SC unhappy over high courts disbanding tech setup for virtual hearings | India News

NEW DELHI: The Supreme Court on Monday said it was “deeply disturbed” with some chief justices of high courts doing away with technology setups for virtual hearings and said public money cannot be dealt with in this manner.
A bench headed by Chief Justice of India D Y Chandrachud which was dealing with a plea seeking declaration of virtual court hearings as a fundamental right observed that technology was not for the pandemic period only.
It is here to stay and the infrastructure cannot be done away with in this manner, the CJI said, adding, “We’ll formulate an order and pass. We have to ensure that nobody is left behind due to technology.”
Highlighting that Rs 7,000 crore has been approved by the central government for Phase 3 of the E-courts project, the CJI said it will be used for improving the infrastructure in all the district courts also.
“Some of the chief justices of the high courts are doing this and I am very deeply disturbed by this. What some of the chief justices are doing is, all the money which we have spent, they are just disbanding the technological infrastructure which we have created for virtual hearings.
“I am deeply disturbed by some of the high courts doing this. Irrespective of whether a chief justice is technology friendly or not, this is not how you deal with public money. You have to ensure that infrastructure is available,” the CJI said.
The observations were made by the bench also comprising justices P S Narasimha and J B Pardiwala.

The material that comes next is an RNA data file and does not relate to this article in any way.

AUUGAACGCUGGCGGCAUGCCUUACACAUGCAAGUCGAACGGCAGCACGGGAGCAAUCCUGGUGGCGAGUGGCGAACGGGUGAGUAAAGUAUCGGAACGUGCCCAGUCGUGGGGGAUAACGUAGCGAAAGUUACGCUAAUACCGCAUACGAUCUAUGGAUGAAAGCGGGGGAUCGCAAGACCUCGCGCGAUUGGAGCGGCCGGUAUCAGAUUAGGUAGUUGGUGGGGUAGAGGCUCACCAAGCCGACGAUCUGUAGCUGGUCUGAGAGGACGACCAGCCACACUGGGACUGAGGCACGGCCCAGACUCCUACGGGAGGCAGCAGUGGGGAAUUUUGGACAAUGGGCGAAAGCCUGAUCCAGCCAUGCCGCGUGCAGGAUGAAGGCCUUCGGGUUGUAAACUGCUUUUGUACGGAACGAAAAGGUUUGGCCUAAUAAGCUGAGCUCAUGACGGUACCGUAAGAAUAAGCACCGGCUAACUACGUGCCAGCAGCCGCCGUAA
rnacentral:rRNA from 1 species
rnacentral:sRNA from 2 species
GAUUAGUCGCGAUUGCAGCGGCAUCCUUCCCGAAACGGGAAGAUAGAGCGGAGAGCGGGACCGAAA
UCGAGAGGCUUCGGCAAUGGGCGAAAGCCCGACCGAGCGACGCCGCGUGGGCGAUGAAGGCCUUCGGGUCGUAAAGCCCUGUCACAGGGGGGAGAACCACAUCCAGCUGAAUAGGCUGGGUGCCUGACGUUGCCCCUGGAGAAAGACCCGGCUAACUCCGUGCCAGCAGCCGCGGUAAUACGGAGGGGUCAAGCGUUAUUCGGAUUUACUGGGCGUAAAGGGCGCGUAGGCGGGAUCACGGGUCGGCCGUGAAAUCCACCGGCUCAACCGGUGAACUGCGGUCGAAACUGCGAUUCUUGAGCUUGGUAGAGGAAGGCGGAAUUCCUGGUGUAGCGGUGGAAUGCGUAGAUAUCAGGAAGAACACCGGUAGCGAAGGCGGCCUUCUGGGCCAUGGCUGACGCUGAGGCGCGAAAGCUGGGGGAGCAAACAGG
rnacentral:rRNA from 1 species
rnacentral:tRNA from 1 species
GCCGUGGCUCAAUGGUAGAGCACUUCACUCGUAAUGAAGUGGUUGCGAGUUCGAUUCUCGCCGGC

The CJI said, “We have to think of the bottom layer of the pyramid also and not only the top that you see here”.
He pointed out that some judges say when they can come to the court, why can’t the lawyers.
“That begs the point. The conditions in which they come to work are very different from what lawyers face,” Justice Chandrachud said, adding that as the chairperson of the e-committee, he was deeply concerned that no one should be left behind.
He said whether a chief justice understands technology or not, they are duty bound and noted that even some tribunals are also disbanding technological setups.
“As if they are saying it was only for the pandemic. Technology is not only for the pandemic. It is here to stay for the future. We’ll formulate an order and pass. We have to ensure that nobody is left behind due to technology,” the CJI said.
He also highlighted that the apex court has also started the e-SCR project and it was making judgments available in local languages.
The Electronic Supreme Court Reports (e-SCR) project is an initiative to provide the digital version of the apex court’s judgments in the manner they are reported in the official law report – ‘Supreme Court Reports’
The CJI also asked Bar Council of India (BCI) Chairperson Manan Kumar Mishra to get a response from bar councils of states and said that an order will be framed soon in the matter.
The petitioner’s counsel submitted that some high courts have stopped the option of hybrid hearings.
The lawyer had earlier said some high courts are only hearing cases through physical mode and had added that the plea was last heard in April 2022 by a bench headed by Justice (since retired) L Nageswara Rao.
A petition was filed by the lawyers’ body, All India Association of Jurists, against the decision of the Uttarakhand High Court to revert to complete physical hearings without a hybrid option.
The plea said the high courts at Uttarakhand, Bombay, Madhya Pradesh, and Kerala were not providing joining links for attending cases through virtual mode.
It said the denial of access to the facility of hearing cases through virtual mode amounted to a denial of Fundamental Rights under Articles 19 (freedom of speech and expression) and 21 (right to life and liberty) of the Constitution.

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